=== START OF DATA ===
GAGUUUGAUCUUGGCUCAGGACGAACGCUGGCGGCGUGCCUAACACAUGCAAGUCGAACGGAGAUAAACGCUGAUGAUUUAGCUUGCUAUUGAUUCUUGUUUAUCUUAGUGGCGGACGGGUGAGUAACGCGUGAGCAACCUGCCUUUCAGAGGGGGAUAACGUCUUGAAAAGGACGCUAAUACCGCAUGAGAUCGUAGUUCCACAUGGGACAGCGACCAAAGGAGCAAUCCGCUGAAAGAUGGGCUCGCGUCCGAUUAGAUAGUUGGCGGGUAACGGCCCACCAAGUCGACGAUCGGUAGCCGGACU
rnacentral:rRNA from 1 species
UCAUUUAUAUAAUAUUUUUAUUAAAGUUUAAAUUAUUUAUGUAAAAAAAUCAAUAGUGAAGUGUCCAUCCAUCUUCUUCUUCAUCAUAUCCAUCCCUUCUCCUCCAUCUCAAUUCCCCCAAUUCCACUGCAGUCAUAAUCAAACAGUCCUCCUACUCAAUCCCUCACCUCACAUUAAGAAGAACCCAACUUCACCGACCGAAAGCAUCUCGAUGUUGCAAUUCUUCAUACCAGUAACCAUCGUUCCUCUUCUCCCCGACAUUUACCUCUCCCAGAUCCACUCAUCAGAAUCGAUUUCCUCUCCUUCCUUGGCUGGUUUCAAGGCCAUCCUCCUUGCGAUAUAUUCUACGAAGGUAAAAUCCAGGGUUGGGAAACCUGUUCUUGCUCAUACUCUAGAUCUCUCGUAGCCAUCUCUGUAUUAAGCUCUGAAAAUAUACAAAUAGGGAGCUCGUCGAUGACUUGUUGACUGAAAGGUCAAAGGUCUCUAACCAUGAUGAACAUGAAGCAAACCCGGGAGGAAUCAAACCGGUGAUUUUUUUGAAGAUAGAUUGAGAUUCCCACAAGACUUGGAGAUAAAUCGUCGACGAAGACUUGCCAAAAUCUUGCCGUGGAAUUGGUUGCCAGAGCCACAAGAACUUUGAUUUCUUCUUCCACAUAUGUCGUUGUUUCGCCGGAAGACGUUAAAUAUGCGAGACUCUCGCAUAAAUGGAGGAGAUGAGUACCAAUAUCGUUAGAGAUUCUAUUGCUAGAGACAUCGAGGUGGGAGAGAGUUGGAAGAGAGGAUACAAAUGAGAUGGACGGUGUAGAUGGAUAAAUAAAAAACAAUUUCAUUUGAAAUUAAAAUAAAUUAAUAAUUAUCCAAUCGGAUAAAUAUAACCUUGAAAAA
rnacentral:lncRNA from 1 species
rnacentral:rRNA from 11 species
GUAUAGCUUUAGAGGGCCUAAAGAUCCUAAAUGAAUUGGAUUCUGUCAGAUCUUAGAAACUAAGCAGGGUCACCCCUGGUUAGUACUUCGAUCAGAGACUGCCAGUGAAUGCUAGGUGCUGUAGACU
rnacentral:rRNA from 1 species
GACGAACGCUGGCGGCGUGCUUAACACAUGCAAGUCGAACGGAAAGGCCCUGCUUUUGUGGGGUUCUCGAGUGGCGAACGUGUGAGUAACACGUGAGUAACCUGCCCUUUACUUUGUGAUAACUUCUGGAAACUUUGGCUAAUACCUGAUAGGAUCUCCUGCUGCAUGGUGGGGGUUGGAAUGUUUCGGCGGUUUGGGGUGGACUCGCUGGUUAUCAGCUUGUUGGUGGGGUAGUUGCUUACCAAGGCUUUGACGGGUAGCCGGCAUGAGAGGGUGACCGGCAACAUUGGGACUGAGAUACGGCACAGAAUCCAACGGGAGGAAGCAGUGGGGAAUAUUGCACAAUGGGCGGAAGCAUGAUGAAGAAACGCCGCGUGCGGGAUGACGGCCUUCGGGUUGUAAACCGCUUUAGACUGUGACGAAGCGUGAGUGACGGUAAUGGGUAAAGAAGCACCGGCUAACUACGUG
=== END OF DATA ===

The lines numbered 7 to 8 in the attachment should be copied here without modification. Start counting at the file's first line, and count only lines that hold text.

rnacentral:rRNA from 1 species
GACGAACGCUGGCGGCGUGCUUAACACAUGCAAGUCGAACGGAAAGGCCCUGCUUUUGUGGGGUUCUCGAGUGGCGAACGUGUGAGUAACACGUGAGUAACCUGCCCUUUACUUUGUGAUAACUUCUGGAAACUUUGGCUAAUACCUGAUAGGAUCUCCUGCUGCAUGGUGGGGGUUGGAAUGUUUCGGCGGUUUGGGGUGGACUCGCUGGUUAUCAGCUUGUUGGUGGGGUAGUUGCUUACCAAGGCUUUGACGGGUAGCCGGCAUGAGAGGGUGACCGGCAACAUUGGGACUGAGAUACGGCACAGAAUCCAACGGGAGGAAGCAGUGGGGAAUAUUGCACAAUGGGCGGAAGCAUGAUGAAGAAACGCCGCGUGCGGGAUGACGGCCUUCGGGUUGUAAACCGCUUUAGACUGUGACGAAGCGUGAGUGACGGUAAUGGGUAAAGAAGCACCGGCUAACUACGUG